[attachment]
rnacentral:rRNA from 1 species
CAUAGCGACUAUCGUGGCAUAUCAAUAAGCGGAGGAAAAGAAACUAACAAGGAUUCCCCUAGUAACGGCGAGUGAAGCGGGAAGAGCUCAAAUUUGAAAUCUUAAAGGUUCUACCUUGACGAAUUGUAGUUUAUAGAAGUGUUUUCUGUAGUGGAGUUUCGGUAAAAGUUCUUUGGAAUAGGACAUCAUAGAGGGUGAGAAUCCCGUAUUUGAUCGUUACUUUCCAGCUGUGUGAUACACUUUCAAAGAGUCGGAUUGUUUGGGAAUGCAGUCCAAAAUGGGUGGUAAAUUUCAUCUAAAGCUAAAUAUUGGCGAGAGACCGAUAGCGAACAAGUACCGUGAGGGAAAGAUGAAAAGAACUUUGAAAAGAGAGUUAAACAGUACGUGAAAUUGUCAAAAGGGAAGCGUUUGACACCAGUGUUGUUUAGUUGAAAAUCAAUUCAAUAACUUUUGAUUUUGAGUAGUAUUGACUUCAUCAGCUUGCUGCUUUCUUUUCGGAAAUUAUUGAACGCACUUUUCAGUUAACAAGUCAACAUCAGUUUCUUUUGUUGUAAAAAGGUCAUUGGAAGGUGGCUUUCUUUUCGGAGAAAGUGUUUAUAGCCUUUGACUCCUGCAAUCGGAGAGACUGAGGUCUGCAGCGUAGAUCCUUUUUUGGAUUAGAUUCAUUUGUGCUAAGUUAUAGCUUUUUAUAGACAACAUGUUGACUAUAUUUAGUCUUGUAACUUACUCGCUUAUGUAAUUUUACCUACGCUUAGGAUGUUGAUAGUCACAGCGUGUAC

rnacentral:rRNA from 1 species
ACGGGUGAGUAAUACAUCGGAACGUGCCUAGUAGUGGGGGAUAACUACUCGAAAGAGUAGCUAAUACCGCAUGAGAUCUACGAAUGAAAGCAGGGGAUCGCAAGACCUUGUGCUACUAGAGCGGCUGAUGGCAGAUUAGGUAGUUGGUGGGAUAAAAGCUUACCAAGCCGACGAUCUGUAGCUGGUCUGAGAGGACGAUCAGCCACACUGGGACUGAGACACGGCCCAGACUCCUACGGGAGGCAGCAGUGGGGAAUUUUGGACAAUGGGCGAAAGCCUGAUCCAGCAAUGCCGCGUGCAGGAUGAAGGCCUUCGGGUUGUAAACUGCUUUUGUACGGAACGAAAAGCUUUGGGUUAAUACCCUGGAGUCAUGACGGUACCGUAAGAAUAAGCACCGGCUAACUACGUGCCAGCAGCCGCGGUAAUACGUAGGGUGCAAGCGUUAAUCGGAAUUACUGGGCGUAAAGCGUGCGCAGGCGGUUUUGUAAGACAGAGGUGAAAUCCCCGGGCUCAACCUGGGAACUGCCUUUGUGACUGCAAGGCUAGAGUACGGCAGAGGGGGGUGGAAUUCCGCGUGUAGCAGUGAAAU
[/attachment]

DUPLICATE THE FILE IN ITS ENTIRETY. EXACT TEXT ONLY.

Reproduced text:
rnacentral:rRNA from 1 species
CAUAGCGACUAUCGUGGCAUAUCAAUAAGCGGAGGAAAAGAAACUAACAAGGAUUCCCCUAGUAACGGCGAGUGAAGCGGGAAGAGCUCAAAUUUGAAAUCUUAAAGGUUCUACCUUGACGAAUUGUAGUUUAUAGAAGUGUUUUCUGUAGUGGAGUUUCGGUAAAAGUUCUUUGGAAUAGGACAUCAUAGAGGGUGAGAAUCCCGUAUUUGAUCGUUACUUUCCAGCUGUGUGAUACACUUUCAAAGAGUCGGAUUGUUUGGGAAUGCAGUCCAAAAUGGGUGGUAAAUUUCAUCUAAAGCUAAAUAUUGGCGAGAGACCGAUAGCGAACAAGUACCGUGAGGGAAAGAUGAAAAGAACUUUGAAAAGAGAGUUAAACAGUACGUGAAAUUGUCAAAAGGGAAGCGUUUGACACCAGUGUUGUUUAGUUGAAAAUCAAUUCAAUAACUUUUGAUUUUGAGUAGUAUUGACUUCAUCAGCUUGCUGCUUUCUUUUCGGAAAUUAUUGAACGCACUUUUCAGUUAACAAGUCAACAUCAGUUUCUUUUGUUGUAAAAAGGUCAUUGGAAGGUGGCUUUCUUUUCGGAGAAAGUGUUUAUAGCCUUUGACUCCUGCAAUCGGAGAGACUGAGGUCUGCAGCGUAGAUCCUUUUUUGGAUUAGAUUCAUUUGUGCUAAGUUAUAGCUUUUUAUAGACAACAUGUUGACUAUAUUUAGUCUUGUAACUUACUCGCUUAUGUAAUUUUACCUACGCUUAGGAUGUUGAUAGUCACAGCGUGUAC

rnacentral:rRNA from 1 species
ACGGGUGAGUAAUACAUCGGAACGUGCCUAGUAGUGGGGGAUAACUACUCGAAAGAGUAGCUAAUACCGCAUGAGAUCUACGAAUGAAAGCAGGGGAUCGCAAGACCUUGUGCUACUAGAGCGGCUGAUGGCAGAUUAGGUAGUUGGUGGGAUAAAAGCUUACCAAGCCGACGAUCUGUAGCUGGUCUGAGAGGACGAUCAGCCACACUGGGACUGAGACACGGCCCAGACUCCUACGGGAGGCAGCAGUGGGGAAUUUUGGACAAUGGGCGAAAGCCUGAUCCAGCAAUGCCGCGUGCAGGAUGAAGGCCUUCGGGUUGUAAACUGCUUUUGUACGGAACGAAAAGCUUUGGGUUAAUACCCUGGAGUCAUGACGGUACCGUAAGAAUAAGCACCGGCUAACUACGUGCCAGCAGCCGCGGUAAUACGUAGGGUGCAAGCGUUAAUCGGAAUUACUGGGCGUAAAGCGUGCGCAGGCGGUUUUGUAAGACAGAGGUGAAAUCCCCGGGCUCAACCUGGGAACUGCCUUUGUGACUGCAAGGCUAGAGUACGGCAGAGGGGGGUGGAAUUCCGCGUGUAGCAGUGAAAU